Image: Chrome Hearts

Fashion Nova is on the hook for selling wares that allegedly infringe Chrome Hearts’ trademarks. On the heels of settling the trademark suit it filed against streetwear brand MNML for allegedly co-opting its well-known cross logo for a pair of copycat jeans, the Los Angeles-based brand has initiated the latest fight in a flurry of recent infringement actions, and this time, it has set its sights on Fashion Nova, accusing the fast fashion company of allegedly selling garments “that bear identical and/or confusingly similar copies of one or more [its] trademarks” without the authorization to do so. 

According to the complaint that it filed in a California federal court on Thursday, Chrome Hearts claims that it has been has been “designing, manufacturing, and selling artistically styled leather goods, apparel, jewelry, and accessories since 1988,” and in the process, has “devoted substantial time, effort, and money to designing, developing, advertising, promoting, and marketing its products, and spends on average over $1 million per year on advertising, promoting, and marketing [its] brand,” including its arsenal of trademarks. 

Since setting up shop 32 years ago, Chrome Hearts says that it “has sold over a billion dollars’ worth of clothing, all bearing one or more of [its] trademarks,” and those very marks “have achieved widespread acceptance and recognition amongst the consuming public” throughout the U.S. and internationally. Among its well-known marks are a number of horseshoe-inspired motifs, which the brand claims that Fashion Nova used on apparel in an attempt to “cause confusion, or to cause mistake [among consumers], or to deceive [consumers] as to the origin, affiliation, or association” between its horseshoe-adorned products and those of Chrome Hearts. In lieu of such an association, Chrome Hearts claims that Fashion Nova’s use of “identical or confusingly similar reproductions of one or more [of its] trademarks” has “misled and confused” consumers as to the source of the products, including its “Love Warrior Crop Top.”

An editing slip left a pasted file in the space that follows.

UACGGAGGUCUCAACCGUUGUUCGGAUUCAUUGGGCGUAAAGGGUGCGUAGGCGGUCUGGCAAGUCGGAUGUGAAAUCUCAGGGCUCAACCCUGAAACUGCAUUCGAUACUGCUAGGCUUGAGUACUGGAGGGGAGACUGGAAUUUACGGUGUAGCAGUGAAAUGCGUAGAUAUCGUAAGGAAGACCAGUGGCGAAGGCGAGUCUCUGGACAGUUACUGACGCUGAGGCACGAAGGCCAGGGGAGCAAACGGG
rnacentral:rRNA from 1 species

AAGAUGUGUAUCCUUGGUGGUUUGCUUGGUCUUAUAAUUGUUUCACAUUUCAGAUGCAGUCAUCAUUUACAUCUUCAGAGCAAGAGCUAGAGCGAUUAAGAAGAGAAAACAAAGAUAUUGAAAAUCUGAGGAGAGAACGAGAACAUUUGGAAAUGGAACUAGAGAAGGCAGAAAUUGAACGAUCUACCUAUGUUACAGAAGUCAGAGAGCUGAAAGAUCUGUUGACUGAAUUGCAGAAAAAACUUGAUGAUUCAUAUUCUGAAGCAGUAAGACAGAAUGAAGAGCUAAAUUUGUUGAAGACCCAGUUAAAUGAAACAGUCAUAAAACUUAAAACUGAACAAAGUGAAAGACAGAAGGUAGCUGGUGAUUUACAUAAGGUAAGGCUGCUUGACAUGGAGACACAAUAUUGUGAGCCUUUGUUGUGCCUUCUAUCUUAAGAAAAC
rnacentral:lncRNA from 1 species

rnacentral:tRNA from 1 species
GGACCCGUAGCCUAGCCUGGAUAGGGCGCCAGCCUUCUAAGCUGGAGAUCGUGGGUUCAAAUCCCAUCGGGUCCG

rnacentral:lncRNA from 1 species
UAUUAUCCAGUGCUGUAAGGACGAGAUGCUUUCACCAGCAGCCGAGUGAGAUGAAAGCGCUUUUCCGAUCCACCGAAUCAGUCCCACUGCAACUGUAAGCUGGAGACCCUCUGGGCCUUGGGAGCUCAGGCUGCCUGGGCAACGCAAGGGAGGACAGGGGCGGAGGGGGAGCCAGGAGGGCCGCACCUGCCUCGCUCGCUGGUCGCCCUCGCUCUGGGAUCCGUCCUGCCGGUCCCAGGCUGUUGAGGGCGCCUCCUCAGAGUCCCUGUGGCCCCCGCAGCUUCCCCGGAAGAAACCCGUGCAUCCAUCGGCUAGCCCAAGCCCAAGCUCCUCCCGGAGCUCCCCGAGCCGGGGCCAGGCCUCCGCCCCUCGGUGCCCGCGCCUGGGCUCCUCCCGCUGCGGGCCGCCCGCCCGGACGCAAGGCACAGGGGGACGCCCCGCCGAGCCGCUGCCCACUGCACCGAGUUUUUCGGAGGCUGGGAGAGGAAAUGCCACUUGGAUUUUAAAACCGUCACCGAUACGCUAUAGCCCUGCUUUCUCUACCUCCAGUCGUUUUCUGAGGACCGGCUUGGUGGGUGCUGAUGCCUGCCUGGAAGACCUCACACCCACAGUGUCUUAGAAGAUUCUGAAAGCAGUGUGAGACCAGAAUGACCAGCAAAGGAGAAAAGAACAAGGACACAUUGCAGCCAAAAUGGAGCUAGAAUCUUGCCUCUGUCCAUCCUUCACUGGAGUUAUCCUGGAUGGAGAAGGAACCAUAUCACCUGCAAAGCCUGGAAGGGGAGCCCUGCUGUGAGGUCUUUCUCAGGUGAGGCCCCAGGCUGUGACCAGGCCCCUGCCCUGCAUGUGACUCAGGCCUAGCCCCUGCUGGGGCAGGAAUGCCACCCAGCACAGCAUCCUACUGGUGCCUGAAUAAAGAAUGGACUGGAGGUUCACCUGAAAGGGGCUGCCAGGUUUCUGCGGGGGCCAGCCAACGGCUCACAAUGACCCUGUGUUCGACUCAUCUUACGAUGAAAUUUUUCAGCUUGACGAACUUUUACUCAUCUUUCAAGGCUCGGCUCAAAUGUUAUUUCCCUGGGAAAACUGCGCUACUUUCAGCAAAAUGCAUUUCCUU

Seemingly taking elements from three of Chrome Hearts’ registered marks, Fashion Nova’s long-sleeved “Love Warrior” top features a stylized horseshoe motif on the back but instead of including the words “Chrome Hearts” in an Old English-type font, Fashion Nova swaps them for “Love Warrior.” Moreover, instead of featuring a Celtic cross in the middle of the horseshoe, as is the case for two of Chrome Hearts’ marks, Fashion Nova uses a rose.

Chrome Hearts’ registered horseshoe trademarks

Given the alleged likelihood of confusion at play and Chrome Hearts’ assertion that it “has not granted a license or given [Fashion Nova] any form of permission to use intellectual property belonging to Chrome Hearts, including the Chrome Hearts marks, in any way,” the brand claims that Fashion Nova has infringed its trademarks and engaged in false designation of origin under the Lanham act, unfair competition under California’s Business Code, and state law violations of trademark infringement and unfair competition. 

Not necessarily an open-and-shut case, Chrome Hearts’ infringement claims assume that Fashion Nova is using the design at issue as a trademark, and thus, the success of it claims will likely depend on whether Fashion Nova can establish that it is using the design in a decorative manner, and not as an indicator of source, or in other words, not as a trademark. Such a distinction is significant, as purely ornamental or decorative use of a design or logo does not amount to infringement. (Under the Lanham Act and common law, a design or logo, word, etc. used in commerce is only protectable as a trademark if it is distinctive and if it is used as a trademark).